T.G.I.F. Seriously. This week has been a killer! But it’s slated to be a gorgeous weekend around here, and I also have a fabulous new accessory to show you how to make today. All this craziness in my household has translated to MUST USE HAMMER. I’ve been playing around with a few hammered wire designs lately, and I finally hit on a design and supplies that I feel 100% comfortable encouraging beginners to try out – I’m excited to share with you how to make hammered wire jewelry. I started with earrings today, but I love them so much you better believe this will be part of a matched set, I’m thinking next week I’ll play with a few other designs!
The aluminum wire is different than what I’ve seen other working with out there. I’ve tried my hand at a few silver plated copper wire designs, but they just didn’t turn out that well for me and I wasn’t comfortable saying to you guys, “here’s how you do it!” when I wasn’t thrilled with my own results. So. I’ve done some experimenting and now that I have a project I’m in love with… well, you’re welcome. Haha.
What you will need:
- 12-gauge aluminum wire (you may have to try the floral department for this?)
- chasing hammer
- bench block (or anvil)
- wire cutters
- nylon pliers (optional, but helpful for straightening your wire off the coil)
- 1/16″ hole punch
- earring wires
The thing about banging on metal is, the impact hardens it. So this aluminum wire starts out really soft, but as you flatten and texturize it, you’ll have a much harder element to add to your designs.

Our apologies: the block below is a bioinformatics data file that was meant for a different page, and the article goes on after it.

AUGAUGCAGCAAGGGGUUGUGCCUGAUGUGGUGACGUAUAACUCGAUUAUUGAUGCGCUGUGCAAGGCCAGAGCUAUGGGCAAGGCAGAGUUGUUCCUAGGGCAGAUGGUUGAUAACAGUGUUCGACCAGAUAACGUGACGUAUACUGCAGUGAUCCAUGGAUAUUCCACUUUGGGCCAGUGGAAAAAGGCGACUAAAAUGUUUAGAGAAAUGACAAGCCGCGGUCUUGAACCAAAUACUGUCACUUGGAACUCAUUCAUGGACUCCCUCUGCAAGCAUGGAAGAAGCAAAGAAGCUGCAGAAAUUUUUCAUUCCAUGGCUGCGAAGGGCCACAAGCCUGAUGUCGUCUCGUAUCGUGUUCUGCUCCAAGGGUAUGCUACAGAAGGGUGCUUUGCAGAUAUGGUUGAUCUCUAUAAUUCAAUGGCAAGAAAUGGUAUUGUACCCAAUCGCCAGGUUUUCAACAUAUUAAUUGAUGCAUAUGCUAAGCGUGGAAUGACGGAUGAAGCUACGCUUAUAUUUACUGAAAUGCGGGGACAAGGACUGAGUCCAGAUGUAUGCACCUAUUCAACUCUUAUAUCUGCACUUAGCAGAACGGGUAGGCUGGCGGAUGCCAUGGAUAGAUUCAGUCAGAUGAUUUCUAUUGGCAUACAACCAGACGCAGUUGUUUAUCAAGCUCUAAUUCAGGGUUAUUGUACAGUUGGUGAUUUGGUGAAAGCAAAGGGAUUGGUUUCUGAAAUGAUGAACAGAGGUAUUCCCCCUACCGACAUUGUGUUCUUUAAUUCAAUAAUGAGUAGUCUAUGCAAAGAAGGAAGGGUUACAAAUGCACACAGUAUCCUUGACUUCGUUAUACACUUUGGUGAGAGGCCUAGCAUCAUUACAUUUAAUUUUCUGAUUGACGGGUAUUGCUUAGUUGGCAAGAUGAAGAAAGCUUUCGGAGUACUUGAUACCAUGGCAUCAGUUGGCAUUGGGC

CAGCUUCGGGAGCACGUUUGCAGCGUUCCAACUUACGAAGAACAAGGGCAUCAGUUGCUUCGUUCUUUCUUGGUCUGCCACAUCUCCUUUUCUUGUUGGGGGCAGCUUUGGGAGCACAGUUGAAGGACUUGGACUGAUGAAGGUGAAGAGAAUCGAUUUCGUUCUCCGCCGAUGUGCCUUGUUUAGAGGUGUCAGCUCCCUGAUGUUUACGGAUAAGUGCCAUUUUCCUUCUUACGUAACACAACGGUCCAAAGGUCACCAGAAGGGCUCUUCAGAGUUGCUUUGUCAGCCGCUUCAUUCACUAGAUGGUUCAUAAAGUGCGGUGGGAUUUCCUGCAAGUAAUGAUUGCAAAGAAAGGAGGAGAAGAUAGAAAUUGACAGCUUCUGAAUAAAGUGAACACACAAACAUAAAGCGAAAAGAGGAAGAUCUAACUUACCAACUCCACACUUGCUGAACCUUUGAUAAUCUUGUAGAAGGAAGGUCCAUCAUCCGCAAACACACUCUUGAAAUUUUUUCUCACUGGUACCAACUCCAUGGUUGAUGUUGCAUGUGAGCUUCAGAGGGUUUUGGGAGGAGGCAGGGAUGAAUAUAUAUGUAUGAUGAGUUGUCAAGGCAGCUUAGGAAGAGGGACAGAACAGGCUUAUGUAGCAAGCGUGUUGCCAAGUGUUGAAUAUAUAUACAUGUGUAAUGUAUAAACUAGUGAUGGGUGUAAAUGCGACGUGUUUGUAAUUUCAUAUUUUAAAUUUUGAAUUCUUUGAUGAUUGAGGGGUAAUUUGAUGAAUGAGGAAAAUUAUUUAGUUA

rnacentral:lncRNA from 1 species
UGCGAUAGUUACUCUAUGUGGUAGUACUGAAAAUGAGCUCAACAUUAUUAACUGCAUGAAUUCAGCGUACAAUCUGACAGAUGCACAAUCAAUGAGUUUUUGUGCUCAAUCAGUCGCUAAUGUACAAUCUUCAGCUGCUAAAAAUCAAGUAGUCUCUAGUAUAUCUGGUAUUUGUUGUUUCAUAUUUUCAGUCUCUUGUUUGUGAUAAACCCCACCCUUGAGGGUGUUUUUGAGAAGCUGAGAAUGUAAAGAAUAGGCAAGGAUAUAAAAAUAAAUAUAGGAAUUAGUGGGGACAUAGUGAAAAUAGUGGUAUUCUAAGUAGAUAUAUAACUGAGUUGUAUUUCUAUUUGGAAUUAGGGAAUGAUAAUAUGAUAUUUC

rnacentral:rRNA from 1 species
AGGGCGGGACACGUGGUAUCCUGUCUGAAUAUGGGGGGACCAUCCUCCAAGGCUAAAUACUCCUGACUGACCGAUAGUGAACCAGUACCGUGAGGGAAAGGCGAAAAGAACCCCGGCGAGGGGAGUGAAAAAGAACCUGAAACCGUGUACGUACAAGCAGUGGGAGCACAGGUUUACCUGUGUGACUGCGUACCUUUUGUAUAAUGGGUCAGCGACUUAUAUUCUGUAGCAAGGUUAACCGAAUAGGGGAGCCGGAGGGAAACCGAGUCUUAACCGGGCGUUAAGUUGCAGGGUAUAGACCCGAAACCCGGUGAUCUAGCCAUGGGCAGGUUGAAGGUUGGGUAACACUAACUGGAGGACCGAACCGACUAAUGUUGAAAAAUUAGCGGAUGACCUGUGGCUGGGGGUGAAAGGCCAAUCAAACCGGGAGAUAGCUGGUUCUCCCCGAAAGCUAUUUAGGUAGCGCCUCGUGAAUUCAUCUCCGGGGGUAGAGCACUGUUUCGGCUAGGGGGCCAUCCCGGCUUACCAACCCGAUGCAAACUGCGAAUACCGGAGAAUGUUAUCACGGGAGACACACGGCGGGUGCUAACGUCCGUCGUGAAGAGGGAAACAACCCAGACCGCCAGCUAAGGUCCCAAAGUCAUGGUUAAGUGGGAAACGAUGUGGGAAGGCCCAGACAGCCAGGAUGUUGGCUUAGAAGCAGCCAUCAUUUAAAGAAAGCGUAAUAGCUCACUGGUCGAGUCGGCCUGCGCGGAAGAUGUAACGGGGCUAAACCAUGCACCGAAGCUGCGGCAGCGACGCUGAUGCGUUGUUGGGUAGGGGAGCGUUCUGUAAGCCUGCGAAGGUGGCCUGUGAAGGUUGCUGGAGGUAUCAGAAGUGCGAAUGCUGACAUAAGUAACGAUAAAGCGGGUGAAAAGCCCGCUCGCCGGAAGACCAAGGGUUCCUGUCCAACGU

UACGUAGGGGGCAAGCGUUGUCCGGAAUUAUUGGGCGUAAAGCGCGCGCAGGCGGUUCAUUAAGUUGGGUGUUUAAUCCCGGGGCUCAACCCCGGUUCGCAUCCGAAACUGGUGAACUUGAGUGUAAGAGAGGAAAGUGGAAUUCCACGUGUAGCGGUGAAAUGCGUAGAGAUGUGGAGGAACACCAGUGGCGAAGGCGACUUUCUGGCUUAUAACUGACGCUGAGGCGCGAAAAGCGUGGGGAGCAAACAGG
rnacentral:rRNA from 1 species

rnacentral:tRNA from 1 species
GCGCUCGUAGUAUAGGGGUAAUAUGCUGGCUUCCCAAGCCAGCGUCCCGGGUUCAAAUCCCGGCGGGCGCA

First, if you’re working off a coil, you may want to straighten your wire with nylon pliers before you get started. Any curve in your wire will be retained once you start banging on it. Maybe that’s a look you’re going for, and if so, hey – that’s cool! But I wanted a slightly straighter start. It will take on a more organic shape once you start manipulating it but I wanted it as straight as possible to start.
Cut off two equal-length pieces of wire. I cut mine about 1.25 inches but this is really up to you and your tastes.
Now, it’s time to bang on stuff. I started at the ends of each piece, flattening with the flat end of my hammer. The flatter it gets, the wider it gets, and that’s what will accommodate a hole being punched. I also hammered the center, but not as much, so it’s got a thinner appearance in the middle. Once I had a shape and size I liked, I turned my hammer over and texturized with the rounded side. Finally I popped a small (1/16″) hole in one end with my screw-down hole punch. (If you have a hand punch, that’s fine too – this is just what I have for making holes.)
Then, just attach earring wires to each piece.
In just ten minutes, you get to take a hammer to something, form it and bend it to your will, and then put it on as a fabulous accessory. That’s my kinda project!
You’ve got this sort of free-form metal appearance that’s both unique and easy. And aluminum wire is really inexpensive, so if you need to practice a couple times before you get a pair of bars you like the looks of together, that’s okay!
What do you think? Does it make you want to hammer on metal too?